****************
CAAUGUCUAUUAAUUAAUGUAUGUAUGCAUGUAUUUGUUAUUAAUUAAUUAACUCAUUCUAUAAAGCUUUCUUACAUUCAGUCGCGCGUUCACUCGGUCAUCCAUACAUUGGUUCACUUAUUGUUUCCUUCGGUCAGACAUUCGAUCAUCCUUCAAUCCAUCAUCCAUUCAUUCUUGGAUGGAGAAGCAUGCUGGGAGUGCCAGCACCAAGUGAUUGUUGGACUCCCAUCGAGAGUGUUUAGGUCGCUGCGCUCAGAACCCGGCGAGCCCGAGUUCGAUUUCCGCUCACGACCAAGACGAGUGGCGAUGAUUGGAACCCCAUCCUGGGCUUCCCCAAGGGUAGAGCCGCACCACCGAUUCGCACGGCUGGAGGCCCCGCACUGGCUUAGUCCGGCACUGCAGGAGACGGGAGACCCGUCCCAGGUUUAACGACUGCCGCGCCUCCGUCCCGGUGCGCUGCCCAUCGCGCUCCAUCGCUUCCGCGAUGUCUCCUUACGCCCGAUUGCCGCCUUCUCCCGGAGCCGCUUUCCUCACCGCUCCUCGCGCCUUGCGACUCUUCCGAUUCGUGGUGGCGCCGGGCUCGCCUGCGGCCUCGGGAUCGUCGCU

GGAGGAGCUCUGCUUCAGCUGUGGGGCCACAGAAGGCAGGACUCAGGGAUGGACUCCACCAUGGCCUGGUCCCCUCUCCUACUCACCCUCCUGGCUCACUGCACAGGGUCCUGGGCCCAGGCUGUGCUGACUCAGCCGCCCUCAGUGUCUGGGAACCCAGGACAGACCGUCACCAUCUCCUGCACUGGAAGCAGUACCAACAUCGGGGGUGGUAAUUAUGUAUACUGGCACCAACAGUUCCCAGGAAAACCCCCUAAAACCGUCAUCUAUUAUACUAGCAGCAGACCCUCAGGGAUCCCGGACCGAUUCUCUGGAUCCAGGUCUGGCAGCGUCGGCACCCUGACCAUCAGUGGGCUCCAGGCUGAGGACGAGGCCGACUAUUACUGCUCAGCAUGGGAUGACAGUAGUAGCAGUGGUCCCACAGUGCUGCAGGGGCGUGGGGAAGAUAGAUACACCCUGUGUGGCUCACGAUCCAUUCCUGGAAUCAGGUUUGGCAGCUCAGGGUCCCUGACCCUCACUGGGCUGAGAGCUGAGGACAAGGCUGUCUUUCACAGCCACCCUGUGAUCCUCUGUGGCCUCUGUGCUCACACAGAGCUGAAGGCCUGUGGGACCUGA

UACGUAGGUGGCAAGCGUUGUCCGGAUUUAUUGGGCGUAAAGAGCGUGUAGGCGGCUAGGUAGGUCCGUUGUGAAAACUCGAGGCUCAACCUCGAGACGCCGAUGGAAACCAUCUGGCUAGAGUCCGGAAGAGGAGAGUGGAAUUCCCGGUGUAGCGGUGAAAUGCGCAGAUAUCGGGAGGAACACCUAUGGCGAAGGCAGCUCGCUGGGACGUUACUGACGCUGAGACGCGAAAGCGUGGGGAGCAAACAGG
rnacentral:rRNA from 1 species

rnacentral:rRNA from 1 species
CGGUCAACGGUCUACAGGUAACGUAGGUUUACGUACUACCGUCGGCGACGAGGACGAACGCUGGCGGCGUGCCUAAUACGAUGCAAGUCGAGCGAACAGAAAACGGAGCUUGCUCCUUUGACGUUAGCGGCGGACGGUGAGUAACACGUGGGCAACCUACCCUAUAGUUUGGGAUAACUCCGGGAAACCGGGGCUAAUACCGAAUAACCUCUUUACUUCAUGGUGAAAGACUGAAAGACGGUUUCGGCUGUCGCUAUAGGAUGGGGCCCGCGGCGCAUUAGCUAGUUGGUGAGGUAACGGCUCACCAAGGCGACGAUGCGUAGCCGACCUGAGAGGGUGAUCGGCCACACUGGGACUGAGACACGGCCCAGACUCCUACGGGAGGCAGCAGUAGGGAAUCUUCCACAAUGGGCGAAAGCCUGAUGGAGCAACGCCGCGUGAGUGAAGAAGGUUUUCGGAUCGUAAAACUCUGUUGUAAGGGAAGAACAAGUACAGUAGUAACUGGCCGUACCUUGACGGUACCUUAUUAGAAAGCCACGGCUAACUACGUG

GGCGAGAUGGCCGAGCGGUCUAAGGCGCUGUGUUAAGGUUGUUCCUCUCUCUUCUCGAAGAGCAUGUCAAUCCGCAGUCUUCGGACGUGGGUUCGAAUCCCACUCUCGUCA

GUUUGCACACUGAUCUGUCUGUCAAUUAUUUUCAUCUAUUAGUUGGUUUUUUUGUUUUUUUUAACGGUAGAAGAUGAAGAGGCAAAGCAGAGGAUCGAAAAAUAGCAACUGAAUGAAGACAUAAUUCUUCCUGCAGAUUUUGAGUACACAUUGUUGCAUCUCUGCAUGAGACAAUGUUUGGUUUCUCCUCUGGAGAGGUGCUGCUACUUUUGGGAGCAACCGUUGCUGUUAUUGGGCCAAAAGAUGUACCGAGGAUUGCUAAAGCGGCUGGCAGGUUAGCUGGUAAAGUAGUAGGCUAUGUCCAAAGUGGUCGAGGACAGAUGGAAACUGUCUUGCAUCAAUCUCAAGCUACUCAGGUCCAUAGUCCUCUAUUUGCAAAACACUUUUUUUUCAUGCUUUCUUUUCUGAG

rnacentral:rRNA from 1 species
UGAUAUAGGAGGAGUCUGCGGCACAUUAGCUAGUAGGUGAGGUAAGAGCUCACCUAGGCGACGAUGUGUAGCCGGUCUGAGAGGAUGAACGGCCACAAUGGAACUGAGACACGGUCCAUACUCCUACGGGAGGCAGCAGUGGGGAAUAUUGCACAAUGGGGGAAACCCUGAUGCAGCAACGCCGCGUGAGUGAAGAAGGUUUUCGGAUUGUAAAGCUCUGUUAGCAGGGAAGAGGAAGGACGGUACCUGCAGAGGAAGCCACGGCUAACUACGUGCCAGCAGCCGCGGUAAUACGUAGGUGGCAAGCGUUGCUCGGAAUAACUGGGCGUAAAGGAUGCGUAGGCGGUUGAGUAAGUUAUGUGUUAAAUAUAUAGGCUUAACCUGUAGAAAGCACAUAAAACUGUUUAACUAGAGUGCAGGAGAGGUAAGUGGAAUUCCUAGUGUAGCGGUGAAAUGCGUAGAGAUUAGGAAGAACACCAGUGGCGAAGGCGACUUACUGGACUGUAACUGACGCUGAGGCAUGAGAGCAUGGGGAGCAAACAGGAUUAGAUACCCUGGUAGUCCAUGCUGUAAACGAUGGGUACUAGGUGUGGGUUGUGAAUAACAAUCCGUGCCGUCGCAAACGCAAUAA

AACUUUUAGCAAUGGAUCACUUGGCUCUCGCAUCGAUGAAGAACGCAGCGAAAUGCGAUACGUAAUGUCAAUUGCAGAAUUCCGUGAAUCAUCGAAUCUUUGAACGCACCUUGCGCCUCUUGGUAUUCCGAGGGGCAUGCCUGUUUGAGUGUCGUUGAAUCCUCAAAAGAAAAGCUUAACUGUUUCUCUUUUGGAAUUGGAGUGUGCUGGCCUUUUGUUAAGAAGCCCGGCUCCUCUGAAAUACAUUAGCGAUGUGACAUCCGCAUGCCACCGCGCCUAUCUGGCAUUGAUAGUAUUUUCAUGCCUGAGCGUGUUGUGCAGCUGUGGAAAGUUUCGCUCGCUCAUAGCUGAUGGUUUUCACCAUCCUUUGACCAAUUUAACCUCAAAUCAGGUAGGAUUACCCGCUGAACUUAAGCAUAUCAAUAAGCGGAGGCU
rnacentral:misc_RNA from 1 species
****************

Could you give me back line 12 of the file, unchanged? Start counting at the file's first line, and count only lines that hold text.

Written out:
rnacentral:misc_RNA from 1 species